Published in The Observer, March 2008
It’s a big, bold, beautiful bus. A bus with attitude, which squeezes cars up onto the pavement in the narrow streets of Beer and Lyme, and persuades even pushy Land Rovers to reverse out of its way. The number 53 is justifiably self confident; it’s the Jurassic Coast bus, and has ammonites painted on its sides. The journey from Exeter to Bournemouth costs a mere £5.50.
From the best seat at the front of the top deck you can watch the Devon and Dorset countryside slowly unfold. This is, after all, an Area of Outstanding Natural Beauty, but a car driver sees little of what goes on behind the high banks and hedges of the West Country. From the bus you get a balcony view into meadows where lambs play king of the castle and clusters of piglets, as pink as cherry blossom, nuzzle their mud-caked mothers. And near the villages you can peep, guiltily, into normally secluded gardens and see what people are up to.
During the journey’s four and a half hours you can alternate between observing the countryside and dreamy lassitude, half hearing the conversations of the regular passengers returning from their shopping trip in Exeter. “Yes, ended up in hospital. A huge cheese fell on her and broke her arm…” Goodness! I wish I’d listened to the beginning of that one. The villages have quintessential English names: Newton Poppleford, Beer, Chideock, Burton Bradstock, Poxwell, Wool. Each owes its character to the local limestone. Soft grey in Newton Poppleford, but golden Jurassic from Chideock to Abbotsbury.
The Jurassic Coast bus holds one more trump card. The fare allows you to “hop on, hop off” as often as you want. Apart from the chance to visit attractions such as the Swannery at Abbotsbury, or the towns of Bridport, Weymouth and Wareham, its route touches the coast at convenient intervals, allowing you to walk a stretch of the South West Coast Path. Almost anyone can cope with the two mile path from Beer to Seaton – it’s even paved most of the way – whilst the up-and-down hike from Seaton to Lyme Regis is more challenging but infinitely rewarding, taking you through the other-worldly jungle of the undercliff. This unique woodland of ash and hazel has gradually taken hold after a mighty landslip 170 years ago reshaped the coastline. In early spring the path is bright with primroses and in summer with countless butterflies. There are even more testing walks: Golden Cap, near Chideock, is the highest point on the Jurassic Coast (190m) and the seven-mile stretch of pebbles which form Chesil Beach will challenge the fittest walker.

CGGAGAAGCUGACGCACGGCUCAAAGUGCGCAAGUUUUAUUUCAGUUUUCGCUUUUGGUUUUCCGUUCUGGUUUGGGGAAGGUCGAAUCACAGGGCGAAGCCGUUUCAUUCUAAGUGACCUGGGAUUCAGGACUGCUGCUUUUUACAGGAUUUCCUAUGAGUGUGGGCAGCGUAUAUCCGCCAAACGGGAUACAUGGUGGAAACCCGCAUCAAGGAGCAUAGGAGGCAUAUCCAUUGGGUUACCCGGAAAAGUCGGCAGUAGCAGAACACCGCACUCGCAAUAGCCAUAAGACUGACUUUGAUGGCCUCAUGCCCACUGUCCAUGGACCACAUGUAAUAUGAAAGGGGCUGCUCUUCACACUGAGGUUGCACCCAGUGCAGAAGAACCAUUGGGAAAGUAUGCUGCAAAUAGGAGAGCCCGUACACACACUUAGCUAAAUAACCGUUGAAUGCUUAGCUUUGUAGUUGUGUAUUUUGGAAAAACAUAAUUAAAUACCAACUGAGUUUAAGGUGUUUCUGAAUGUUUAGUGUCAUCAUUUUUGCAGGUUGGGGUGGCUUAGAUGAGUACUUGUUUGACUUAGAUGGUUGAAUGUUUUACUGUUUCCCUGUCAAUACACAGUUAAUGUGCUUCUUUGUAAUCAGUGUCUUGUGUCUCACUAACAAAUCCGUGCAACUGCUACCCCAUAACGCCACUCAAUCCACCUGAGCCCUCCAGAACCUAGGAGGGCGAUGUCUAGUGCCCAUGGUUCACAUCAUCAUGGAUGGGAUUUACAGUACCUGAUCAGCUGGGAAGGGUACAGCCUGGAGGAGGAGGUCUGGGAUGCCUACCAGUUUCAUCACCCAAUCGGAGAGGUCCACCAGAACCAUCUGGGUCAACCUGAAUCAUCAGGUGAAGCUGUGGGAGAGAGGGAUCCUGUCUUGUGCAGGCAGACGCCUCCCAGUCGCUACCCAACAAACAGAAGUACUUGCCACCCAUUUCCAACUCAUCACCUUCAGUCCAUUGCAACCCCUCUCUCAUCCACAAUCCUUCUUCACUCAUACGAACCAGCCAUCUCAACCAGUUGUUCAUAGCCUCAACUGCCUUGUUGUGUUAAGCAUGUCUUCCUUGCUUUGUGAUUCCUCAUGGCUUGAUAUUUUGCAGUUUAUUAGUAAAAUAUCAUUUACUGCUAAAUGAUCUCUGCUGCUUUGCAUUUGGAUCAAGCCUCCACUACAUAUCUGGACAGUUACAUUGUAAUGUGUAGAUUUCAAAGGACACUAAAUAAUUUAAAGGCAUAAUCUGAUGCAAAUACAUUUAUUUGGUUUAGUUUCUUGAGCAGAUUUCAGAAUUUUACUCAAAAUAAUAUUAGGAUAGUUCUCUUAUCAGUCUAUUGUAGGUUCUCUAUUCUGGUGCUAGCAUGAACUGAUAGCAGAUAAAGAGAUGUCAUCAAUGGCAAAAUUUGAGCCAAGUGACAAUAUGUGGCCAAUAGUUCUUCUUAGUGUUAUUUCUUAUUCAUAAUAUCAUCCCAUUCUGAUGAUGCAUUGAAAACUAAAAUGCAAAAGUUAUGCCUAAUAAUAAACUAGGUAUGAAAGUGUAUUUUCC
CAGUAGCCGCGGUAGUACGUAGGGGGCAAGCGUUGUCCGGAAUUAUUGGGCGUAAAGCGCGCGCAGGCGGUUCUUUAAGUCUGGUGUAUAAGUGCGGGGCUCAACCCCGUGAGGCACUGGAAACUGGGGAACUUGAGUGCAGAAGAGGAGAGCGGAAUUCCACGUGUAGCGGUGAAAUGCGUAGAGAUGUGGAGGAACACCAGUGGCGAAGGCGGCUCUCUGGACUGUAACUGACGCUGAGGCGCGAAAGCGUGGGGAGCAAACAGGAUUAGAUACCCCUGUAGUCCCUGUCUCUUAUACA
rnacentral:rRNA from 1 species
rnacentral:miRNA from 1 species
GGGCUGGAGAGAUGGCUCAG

The Jurassic Coast was named a World Heritage Site in 2001. The area around Lyme Regis has long been known for fossils (helped by the success of The French Lieutenant’s Woman) but the whole coastline has gained self-confidence from this designation, England’s first for a natural wonder. There are booklets and notice boards explaining the geology, and a heritage centre at Charmouth which tells you about fossil hunting. You may not find your own pocketable ammonites, but walk east along the beach from Seaton and you will come to a set of giant ones embedded in smooth grey rock like dinner plates. The coast, and its bus, are well named.
© Hilary Bradt